Introduction: Refurbish an E-Piano: Fix and Polish Broken Keys

About: I love making things! I have a lot of ideas but I don't have time to realize all of them. I am normally too curious to see how my ideas will look like so I don't spend too much time on planning in advance. I l…
Approximately year ago I decided to learn to play the piano. After I first practised on a small keyboard for a while, I decided to buy an e-piano from ebay. I bought a used Kawai CL20.

The description of the piano was great and the price ok. However, after I picked it up at the owner and came home, I realized that the description of the state of the piano was not completely true:

  • 4 of the keys were hanging down 0.1 inches and did not make a proper sound. 
  • all of the keys apparently had an ugly incident with some kind of aggressive cleaning agent, because their shiny surface had lots of dim areas that looked like stains.
I was very disappointed until my boyfriend suggested to open the piano and fix it myself. That way I would really own it afterwards :). I searched the internet for tutorials but i could not find a lot of useful things, so I hope I can make the life easier for anyone who wants to fix their e-piano.

Step 1: What You Need (Apart From a Looooot of Patience)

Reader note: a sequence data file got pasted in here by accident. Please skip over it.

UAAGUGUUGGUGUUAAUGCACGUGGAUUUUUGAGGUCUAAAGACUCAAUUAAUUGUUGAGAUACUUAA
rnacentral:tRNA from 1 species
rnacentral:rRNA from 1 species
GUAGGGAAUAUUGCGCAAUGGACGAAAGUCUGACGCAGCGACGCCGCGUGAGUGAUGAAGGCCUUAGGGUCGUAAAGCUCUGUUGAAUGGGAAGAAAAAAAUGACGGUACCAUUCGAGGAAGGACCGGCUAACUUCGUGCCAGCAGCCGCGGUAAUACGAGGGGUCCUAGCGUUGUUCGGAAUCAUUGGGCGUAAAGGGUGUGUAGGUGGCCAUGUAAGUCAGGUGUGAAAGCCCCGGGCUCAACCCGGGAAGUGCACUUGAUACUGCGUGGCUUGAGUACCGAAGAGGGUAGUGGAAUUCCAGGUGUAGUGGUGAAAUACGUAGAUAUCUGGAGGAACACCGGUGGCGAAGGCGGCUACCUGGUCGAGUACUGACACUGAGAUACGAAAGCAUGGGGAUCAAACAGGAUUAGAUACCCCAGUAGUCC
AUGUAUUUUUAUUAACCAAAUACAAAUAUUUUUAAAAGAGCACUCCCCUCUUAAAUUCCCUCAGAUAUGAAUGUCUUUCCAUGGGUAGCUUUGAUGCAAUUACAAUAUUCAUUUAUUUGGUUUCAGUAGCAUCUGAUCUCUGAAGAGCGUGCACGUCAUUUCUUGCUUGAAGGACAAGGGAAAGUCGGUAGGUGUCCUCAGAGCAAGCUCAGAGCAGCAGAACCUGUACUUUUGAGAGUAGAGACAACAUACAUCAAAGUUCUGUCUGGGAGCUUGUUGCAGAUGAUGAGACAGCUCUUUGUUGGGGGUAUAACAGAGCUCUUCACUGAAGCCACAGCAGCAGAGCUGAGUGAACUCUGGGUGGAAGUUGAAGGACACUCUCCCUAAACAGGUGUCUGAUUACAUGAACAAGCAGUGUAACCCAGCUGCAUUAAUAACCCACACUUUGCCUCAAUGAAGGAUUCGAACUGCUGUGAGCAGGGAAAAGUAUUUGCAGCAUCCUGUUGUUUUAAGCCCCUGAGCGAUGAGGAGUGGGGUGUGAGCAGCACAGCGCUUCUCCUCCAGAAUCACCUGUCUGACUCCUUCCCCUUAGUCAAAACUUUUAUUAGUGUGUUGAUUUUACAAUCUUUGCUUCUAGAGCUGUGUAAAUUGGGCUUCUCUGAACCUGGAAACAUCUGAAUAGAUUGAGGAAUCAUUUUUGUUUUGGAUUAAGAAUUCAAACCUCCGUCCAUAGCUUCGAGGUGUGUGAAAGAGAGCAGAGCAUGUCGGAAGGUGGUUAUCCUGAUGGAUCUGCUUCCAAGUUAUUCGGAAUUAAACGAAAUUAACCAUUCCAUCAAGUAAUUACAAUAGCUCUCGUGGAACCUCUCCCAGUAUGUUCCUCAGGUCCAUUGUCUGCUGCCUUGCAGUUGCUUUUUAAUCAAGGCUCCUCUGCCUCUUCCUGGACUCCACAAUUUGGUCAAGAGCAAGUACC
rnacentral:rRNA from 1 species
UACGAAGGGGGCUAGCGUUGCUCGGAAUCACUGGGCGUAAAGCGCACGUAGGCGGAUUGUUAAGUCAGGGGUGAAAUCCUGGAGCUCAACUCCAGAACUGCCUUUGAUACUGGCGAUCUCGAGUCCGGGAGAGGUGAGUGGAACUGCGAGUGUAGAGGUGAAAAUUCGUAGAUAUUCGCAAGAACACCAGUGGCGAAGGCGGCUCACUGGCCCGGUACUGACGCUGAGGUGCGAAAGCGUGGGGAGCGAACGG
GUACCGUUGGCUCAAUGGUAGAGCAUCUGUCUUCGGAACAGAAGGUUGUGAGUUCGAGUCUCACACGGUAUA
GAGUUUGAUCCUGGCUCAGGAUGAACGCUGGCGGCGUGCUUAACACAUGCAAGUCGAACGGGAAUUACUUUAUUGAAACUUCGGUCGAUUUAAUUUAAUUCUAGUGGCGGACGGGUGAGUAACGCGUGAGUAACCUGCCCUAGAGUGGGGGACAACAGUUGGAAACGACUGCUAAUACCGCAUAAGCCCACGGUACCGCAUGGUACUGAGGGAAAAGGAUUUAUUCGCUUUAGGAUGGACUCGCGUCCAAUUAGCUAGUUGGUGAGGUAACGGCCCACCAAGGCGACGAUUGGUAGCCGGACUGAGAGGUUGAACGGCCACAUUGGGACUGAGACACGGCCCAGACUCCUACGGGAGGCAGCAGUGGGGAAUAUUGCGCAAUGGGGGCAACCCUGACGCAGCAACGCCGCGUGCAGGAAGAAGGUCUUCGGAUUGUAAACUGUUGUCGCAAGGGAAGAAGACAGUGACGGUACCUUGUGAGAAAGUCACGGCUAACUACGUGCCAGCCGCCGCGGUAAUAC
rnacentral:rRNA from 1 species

Initially I wanted to buy new keys and just replace them by myself. But I quickly realized that new keys would cost twice as much as I paid for the whole piano, so I asked several piano restoring professionals how to deal with the problem of these ugly surfaces of the keys.

They all suggested polishing with car polish or something similar! So I went to a DIY store and finally bought a "repair set" for acrylic bath tubs. The set contained sand paper ranging from 400 to 1200. ( I am not sure if you have the same classification of sand paper in the US, for us 1200 is really super fine, it's pretty much the smallest grains you can get). Furthermore, the set contained a polishing paste and a polishing towel.

Additionally, I also bought a "sand towel" with 1500 graining which is the finest sanding available. 

I also bought a fixture for a round plate and a lamb wool towel to put onto the fixture. The whole thing could then be attached to the drilling machine.

In addition, I also bought PTFE paste (teflon / silicone paste) to lubricate the moveing parts of the keys again after I removed them and put them back.

Apart from that, you need a drilling machine, screwdrivers, a loooot of time and a room where you can store all the removed keys and the rest of the piano pieces.

Step 2: Remove the "Wrapping" of the Piano

This and the next step were the most critical steps, since I was afraid that I can break more than I would fix. Luckily it turned out to be very simple.

Watch out: The back side of the keys has a lot of grease on it to lubricate the movement of the keys. So make sure that your pillows underneath are protected once you flip the piano on the back side.
  1. Remove the connecting board of the legs
  2. Remove both of the legs
  3. Place the piano onto some pillows to assure you don't harm the keys or buttons when you flip it over to unscrew the rest
  4. Unscrew all of the screws on the back side
  5. Unscrew ONLY the screws at the borders underneath the piano (not the ones around the black squares in the picture)